Hebron, Sansana, South Hebron Hills, Sun 3.10.10, Morning

Yael T. and Tal A. (reporting)

Translator:  Charles K.



Sansana-Meitar crossing

A few laborers were still crossing to the Israeli side when we arrived, but there were none waiting to be inspected.  The peddlers began packing up.  Two laborers seated next to their car asked us for help – they don’t know why their permits had been taken from them.  We gave them the phone numbers listed on the Machsom Watch information sheet.

Route 60

Flying checkpoints and soldiers at many locations along the way: on the road down to the west, next to Dahariyya, cars are being stopped to check license and registration.  Those we saw were released quickly.

At the southern entrance to Hebron
, which is blocked, we stop on the side of the road to watch.  A soldier starts toward us, but when we see that cars are released quickly we drive on.

There are soldiers at the kvasim junction (literally: Sheep Junction) and at the entrance to Bani Na’im soldiers stand on the roof of a house they took over in what’s called the "Almant kass" procedure (literally: “Grass widow” procedure -- meaning, in essence, that the military takes over an inhabited house for its own purposes, either ordering its inhabitants to leave altogether or allowing them limited living quarters within).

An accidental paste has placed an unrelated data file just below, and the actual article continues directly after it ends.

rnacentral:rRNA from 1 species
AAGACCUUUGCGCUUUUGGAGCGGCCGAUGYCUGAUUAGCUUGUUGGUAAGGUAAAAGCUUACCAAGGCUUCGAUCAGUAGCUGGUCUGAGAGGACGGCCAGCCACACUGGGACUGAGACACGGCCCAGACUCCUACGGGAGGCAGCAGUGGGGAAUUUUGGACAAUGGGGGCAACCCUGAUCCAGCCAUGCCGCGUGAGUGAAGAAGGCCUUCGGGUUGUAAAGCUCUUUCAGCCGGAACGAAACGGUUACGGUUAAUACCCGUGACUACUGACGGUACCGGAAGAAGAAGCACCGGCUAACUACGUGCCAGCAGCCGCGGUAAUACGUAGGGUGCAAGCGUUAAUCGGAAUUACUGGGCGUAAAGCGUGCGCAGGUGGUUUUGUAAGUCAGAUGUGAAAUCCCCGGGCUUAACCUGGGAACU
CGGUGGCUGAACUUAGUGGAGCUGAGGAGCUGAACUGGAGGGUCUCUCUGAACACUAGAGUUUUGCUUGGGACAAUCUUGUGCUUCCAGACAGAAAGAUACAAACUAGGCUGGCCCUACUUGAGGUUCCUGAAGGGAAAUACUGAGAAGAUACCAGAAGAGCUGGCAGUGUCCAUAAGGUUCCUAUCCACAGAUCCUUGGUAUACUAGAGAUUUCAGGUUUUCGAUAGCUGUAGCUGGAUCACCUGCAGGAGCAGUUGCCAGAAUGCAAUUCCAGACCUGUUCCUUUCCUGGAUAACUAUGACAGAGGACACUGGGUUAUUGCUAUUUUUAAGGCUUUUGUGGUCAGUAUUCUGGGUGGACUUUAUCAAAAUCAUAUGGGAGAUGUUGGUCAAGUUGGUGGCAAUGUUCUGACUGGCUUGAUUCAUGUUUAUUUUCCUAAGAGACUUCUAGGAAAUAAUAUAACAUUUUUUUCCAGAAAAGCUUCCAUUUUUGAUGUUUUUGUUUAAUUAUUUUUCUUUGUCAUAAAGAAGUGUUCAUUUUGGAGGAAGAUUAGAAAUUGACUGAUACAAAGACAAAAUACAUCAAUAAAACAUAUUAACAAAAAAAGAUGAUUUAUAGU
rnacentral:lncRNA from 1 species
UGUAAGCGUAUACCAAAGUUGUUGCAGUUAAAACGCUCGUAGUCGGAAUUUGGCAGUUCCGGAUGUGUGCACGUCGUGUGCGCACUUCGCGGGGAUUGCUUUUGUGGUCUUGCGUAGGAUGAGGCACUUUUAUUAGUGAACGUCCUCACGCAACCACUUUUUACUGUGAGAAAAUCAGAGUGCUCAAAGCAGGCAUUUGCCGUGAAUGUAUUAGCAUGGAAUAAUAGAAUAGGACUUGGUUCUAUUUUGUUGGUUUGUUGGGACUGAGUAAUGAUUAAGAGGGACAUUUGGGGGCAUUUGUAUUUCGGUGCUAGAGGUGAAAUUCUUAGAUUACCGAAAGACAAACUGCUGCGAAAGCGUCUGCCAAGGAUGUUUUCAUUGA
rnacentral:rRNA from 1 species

There’s an army jeep parked opposite the entrance to Kiryat Arba also.  There’s a new security guard standing at the first entrance to Kiryat Arba (he says he’s already been there a year), a young man with a large kippah, doesn’t know about Machsom Watch.  We gave him a calling card, which he returned to us.  He insists on telephoning the police and makes us wait 20 minutes by the roadside.  Meanwhile he talks with us and asks about the organization (for example, why are there no male members).  At one point he says that we have to telephone the police and request an escort.  Fortunately, a police jeep passing by tells him to let us through.

Hebron is quiet, withdrawn and depressing as always.  Mostly settlers in the streets.  We stop at the grocery in Tel Rumeida.  Two Naha”l soldiers approach us, ask who we are.  One of them hadn’t heard of Machsom Watch.  They’re mainly want to know whether or not Muhammad has a blue ID card.  Despite what we tell them, one insists on checking.  They tell us they’re leaving Hebron, to be replaced by soldiers from the Kfir brigade.